Probably the most often overlooked step in achieving durable concrete is proper curing. Curing means maintaining conditions allowing the concrete to harden and gain strength. Proper temperature and humidity are most important. The temperature should be above 10 C (50 F) for strength development to proceed at a reasonable pace. Moisture must be maintained, especially in the first few days, to promote cement hydration and keep the concrete from drying, shrinking, and cracking. Properly curing concrete will effectively pay for itself many times over by reducing permeability and increasing the material’s durability and life expectancy.

Low permeability
Even though mix designs must change to match the conditions, low permeability is a common factor to all durable concrete. It is essential water be kept out of the concrete structure. Lower permeability can be achieved through good mix proportioning and also by reducing the amount of free water using water-reducing admixtures or plasticizers. Concrete exposed to water should also employ a permeability-reducing admixture.

Creating durable concrete is not any one thing, but rather a process consisting of numerous variables. Recognizing how these variables affect other aspects of the project when selecting systems, allows for better specifications that work to increase the durability of infrastructure. Specifications focusing on quality control at site levels, with systems offering recognized testing and thorough support throughout the building process, contribute greatly to the project’s overall success.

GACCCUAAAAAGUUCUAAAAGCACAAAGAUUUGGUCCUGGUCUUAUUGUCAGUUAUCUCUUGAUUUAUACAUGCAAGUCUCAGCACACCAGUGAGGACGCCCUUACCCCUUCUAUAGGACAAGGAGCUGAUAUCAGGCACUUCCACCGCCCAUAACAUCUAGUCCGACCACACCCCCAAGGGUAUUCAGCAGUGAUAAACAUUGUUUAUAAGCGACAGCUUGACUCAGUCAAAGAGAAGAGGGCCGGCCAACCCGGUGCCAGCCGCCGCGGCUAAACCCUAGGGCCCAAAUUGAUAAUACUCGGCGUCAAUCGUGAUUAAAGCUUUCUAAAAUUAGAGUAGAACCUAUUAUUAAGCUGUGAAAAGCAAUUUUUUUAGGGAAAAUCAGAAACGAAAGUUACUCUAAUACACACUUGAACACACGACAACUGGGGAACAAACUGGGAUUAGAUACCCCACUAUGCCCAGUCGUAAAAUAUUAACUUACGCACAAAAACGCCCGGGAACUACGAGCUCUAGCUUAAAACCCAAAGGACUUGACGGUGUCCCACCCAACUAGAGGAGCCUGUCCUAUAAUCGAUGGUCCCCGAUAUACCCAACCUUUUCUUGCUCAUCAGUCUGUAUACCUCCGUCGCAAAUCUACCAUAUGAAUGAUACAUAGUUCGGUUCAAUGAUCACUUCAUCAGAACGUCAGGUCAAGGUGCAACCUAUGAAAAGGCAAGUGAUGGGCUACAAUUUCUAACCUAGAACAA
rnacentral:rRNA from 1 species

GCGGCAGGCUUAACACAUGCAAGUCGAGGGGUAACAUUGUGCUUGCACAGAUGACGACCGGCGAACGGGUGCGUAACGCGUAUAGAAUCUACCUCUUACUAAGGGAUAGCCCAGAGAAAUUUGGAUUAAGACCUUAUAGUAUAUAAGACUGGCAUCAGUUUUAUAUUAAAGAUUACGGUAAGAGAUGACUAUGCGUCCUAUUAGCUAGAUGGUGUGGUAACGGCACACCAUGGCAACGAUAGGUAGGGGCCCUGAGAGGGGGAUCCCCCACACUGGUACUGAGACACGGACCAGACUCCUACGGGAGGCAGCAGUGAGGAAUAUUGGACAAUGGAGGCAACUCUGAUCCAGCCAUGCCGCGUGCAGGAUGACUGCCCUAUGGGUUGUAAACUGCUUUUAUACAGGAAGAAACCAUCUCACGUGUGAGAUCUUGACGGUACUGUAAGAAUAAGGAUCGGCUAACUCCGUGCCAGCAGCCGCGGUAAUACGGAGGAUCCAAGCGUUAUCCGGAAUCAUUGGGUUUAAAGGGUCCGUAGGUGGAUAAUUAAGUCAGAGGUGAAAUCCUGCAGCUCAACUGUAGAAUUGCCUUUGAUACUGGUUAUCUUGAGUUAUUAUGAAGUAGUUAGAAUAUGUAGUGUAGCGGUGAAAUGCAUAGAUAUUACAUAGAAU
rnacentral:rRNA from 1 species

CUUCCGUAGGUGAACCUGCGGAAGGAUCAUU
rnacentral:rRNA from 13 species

With proper mix design, permeability reduction, and attention to good jointing, placing, and curing practices, one can create durable concrete structures that will resist the development of corrosive conditions and other deteriorating mechanisms.

1 For more, see the second edition of Construction Waterproofing Handbook by Michael T. Kubal. (back to top)
2 See American Concrete Institute’s (ACI’s) 212.3R-10–Report on Chemical Admixtures for Concrete. (back to top)
3 For more information see, ACI’s Educational Bulletin: E4-12—Chemical Admixtures. This document takes a comprehensive look at ACI 212.3R-10 and is available at www.concrete.org/Portals/0/Files/PDF/fE4-12.pdf. (back to top)
4 See Design and Control of Concrete Mixtures published by Portland Cement Association (PCA). (back to top)

Kevin Yuers spent many years running a contracting company before joining Kryton International in 1994. He is the vice-president responsible for product development and technical services at the crystalline concrete waterproofing company. Yuers is an active member of several industry and business associations. He has written numerous articles and is the named inventor on patents related to the concrete industry. Yuers can be contacted by e-mail at kevin@kryton.com.